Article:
She has this to say about his ideological perspective:
As Koch was building his company into the behemoth it is today, he never stopped reading. Among his favorite authors was Ludwig von Mises, who, like Ayn Rand, wrote of entrepreneurs with reverence, treating them as the greatest heroes in human history. That sense of intellectual and even ethical superiority to others may help explain why Charles Koch bypassed the also libertarian but more empirically and practically minded economist Milton Friedman to make common cause with the more uncompromising [rightwing economist] James Buchanan. Koch referred to Friedman and the rest of the post–Hayek Chicago school of economics he led, as well as to Alan Greenspan, as “sellouts to the system,” in the words of journalist Brian Doherty. Why? Because they sought “to make government work more efficiently when the true libertarian should be tearing it out at the root.” They actually tried to help government deliver better results, which could only prolong the disease. Koch believed that only in its “radical, pure form,” without compromise, would the ideas “appeal to the brightest, most enthusiastic, most capable people.” (Is it any wonder, then, that his allies would now rather bring down the government than improve it?) [my emphasis]Some people were no doubt surprised by Steve Bannon's description of himself as a Leninist. But it's not unusual in the far-right milieu for activists to style themselves as a mirror image of what they imagine the Enemy to be. Charles Koch's father Fred was a founding member of the John Birch Society. Who made a great deal of his fortune doing oil deals with the Soviet Union during Stalin's rule.
The JBS tried to style its operations around what they understood to be the Communist Party's mode of operation. Magnifying the tiny US Communist Party into a massively effective agent of Soviet influence that somehow dominated the federal government through both the Democratic and even Republican parties, they set out to imitate their image of the CP.
And since the JBS was the mothership of conspiratorial rightwing conspiracy theories in the US for decades after its inception. And so this practice of imagining themselves as a mirror image of what they consider to be the practice of the left was a common posture of far-right figures. This obviously offer a lot of opportunities for psychological projection on their part. Even today, it's worth keeping in mind that what Republicans are saying about the evil intentions and deeds of The Left may be a large clue to what the Republicans themselves are doing or intend to do.
McLean explains how a revered figure among the "paleocons," Murray Rothbard (1926-1995), who also indulged in "Leninist" posturing. And who much impressed Charles Koch:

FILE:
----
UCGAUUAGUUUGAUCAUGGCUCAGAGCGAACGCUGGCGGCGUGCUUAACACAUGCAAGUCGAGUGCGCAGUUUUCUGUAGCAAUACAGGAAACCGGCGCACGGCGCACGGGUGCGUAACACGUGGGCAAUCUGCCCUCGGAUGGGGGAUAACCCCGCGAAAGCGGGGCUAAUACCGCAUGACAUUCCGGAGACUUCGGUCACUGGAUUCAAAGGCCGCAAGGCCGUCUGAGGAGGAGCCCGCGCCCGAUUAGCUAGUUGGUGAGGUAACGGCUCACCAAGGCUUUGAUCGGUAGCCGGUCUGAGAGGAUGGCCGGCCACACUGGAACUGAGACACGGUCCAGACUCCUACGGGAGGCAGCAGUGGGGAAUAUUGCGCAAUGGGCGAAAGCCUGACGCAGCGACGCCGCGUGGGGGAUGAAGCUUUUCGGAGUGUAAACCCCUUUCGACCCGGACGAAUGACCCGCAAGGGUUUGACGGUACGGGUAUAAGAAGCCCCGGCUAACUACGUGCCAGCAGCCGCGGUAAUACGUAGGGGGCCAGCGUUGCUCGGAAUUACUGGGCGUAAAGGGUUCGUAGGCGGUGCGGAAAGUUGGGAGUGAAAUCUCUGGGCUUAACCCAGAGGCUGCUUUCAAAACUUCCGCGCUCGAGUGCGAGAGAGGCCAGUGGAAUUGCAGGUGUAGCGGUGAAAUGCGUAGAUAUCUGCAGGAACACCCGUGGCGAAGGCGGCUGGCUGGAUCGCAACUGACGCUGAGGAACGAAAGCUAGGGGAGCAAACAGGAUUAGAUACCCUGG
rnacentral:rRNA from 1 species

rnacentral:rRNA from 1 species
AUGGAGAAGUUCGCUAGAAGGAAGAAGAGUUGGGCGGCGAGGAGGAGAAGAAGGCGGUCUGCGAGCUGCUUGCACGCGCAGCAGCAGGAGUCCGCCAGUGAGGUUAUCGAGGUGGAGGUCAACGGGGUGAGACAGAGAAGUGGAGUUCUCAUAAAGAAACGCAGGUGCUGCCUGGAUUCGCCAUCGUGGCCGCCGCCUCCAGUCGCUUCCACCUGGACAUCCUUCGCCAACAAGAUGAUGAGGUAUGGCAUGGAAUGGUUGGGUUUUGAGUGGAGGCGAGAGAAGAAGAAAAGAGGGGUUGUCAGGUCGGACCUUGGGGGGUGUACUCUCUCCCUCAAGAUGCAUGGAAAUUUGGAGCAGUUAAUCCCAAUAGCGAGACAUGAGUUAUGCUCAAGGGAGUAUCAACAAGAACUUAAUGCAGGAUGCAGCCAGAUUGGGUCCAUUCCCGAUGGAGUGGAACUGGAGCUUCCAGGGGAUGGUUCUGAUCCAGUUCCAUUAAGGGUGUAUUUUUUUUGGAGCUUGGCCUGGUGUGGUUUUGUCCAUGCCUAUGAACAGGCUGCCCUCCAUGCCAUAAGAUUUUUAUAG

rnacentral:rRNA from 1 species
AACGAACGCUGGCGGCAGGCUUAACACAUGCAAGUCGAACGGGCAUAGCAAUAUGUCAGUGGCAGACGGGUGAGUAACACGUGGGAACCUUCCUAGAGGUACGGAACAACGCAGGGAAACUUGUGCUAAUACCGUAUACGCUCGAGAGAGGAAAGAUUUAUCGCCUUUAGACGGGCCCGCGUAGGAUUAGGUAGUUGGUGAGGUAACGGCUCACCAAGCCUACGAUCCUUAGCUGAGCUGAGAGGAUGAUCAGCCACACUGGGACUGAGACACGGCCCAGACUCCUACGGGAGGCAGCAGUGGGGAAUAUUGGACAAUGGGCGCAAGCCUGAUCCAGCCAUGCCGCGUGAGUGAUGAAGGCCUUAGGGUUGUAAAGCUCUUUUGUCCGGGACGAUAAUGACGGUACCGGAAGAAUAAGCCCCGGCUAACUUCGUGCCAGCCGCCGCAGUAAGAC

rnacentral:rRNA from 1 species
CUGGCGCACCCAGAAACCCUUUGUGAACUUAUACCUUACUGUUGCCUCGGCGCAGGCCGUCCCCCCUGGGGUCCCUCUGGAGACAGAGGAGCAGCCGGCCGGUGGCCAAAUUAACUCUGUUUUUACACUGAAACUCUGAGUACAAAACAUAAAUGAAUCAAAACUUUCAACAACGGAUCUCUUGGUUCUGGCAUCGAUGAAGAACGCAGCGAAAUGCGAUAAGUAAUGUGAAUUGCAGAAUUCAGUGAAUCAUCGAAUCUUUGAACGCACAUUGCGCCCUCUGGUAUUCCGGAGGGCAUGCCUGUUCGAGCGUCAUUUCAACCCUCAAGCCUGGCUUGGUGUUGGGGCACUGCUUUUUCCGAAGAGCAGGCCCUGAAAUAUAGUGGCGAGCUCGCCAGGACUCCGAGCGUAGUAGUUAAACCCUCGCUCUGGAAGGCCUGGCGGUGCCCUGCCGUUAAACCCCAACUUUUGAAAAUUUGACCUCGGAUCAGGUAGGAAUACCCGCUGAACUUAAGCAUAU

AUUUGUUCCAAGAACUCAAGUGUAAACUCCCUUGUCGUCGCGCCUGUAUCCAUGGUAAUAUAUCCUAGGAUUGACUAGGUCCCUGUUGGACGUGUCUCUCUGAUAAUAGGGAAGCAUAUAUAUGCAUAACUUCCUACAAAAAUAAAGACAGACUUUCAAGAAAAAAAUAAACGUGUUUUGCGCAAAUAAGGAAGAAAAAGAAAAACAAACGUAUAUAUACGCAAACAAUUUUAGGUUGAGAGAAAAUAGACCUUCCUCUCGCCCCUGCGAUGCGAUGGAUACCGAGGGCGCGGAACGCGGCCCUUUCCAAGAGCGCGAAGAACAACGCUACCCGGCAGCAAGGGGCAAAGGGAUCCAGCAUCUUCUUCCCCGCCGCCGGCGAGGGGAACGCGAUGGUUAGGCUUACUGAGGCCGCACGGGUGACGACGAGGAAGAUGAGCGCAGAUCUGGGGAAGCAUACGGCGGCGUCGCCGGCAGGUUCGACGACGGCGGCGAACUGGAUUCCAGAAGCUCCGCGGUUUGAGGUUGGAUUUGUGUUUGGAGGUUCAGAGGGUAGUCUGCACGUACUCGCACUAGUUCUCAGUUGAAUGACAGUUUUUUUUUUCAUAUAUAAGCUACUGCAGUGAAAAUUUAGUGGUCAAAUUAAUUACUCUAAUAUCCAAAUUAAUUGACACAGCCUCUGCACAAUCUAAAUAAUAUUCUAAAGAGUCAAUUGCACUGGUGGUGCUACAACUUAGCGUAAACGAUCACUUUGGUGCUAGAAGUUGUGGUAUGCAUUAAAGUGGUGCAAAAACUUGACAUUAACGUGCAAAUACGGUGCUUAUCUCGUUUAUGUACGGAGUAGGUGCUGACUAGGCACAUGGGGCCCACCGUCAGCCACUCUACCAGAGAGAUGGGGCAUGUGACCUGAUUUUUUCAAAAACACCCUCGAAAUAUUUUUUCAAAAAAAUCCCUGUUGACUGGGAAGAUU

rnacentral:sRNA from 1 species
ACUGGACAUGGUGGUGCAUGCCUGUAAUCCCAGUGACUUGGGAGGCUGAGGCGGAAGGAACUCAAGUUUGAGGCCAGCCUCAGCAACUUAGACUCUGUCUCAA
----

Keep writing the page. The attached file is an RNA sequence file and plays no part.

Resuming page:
It was Rothbard who explained to him how small numbers could effect big changes. Rothbard suggested that Koch study Lenin.
“I grew up in a Communist culture,” Rothbard later said of the extended “family, friends, [and] neighbors” in the New York City milieu he rebelled against. Even as he despised their goals, he took from their heated discussions in the 1930s and 1940s, as well as his own wide reading in the original sources, a deep appreciation of the strategic and tactical genius of Vladimir Lenin, who led a revolution in a place where others said it simply could not be done. A champion of “uncompromising libertarianism,” Rothbard, like Lenin, believed that government was “our enemy.” He admired Lenin’s daring leadership, but most of all he saw that some of his techniques could serve a wholly opposite purpose: namely, to establish a kind of capitalism purer and less restrained than the world had ever known.
In 1976, over a weekend of discussion as Koch’s guest in Vail, Colorado, Rothbard explained to his host how a Lenin-like libertarian strategy might work. The Russian revolutionary had once said of the ranks of the revolutionary party, “Better fewer, but better.” To create a sound, disciplined movement, Rothbard explained, preparing a “cadre” must be the top priority. What his admiring biographer [Justin Raimondo of Antiwar.com], a foot soldier himself, summed up as “the general flakiness and counterculturalism” of so many libertarians had had its day, Rothbard told Koch. The survivalist-like stocking up on beans and science fiction novels to last years of exile, with backpacks at the ready to rush for the hills if the statists came, the visions of colonizing remote islands or even of other planets: all that had to go. A new seriousness was needed. It was time for the revolutionary cause to orient itself to Middle America. [my emphasis]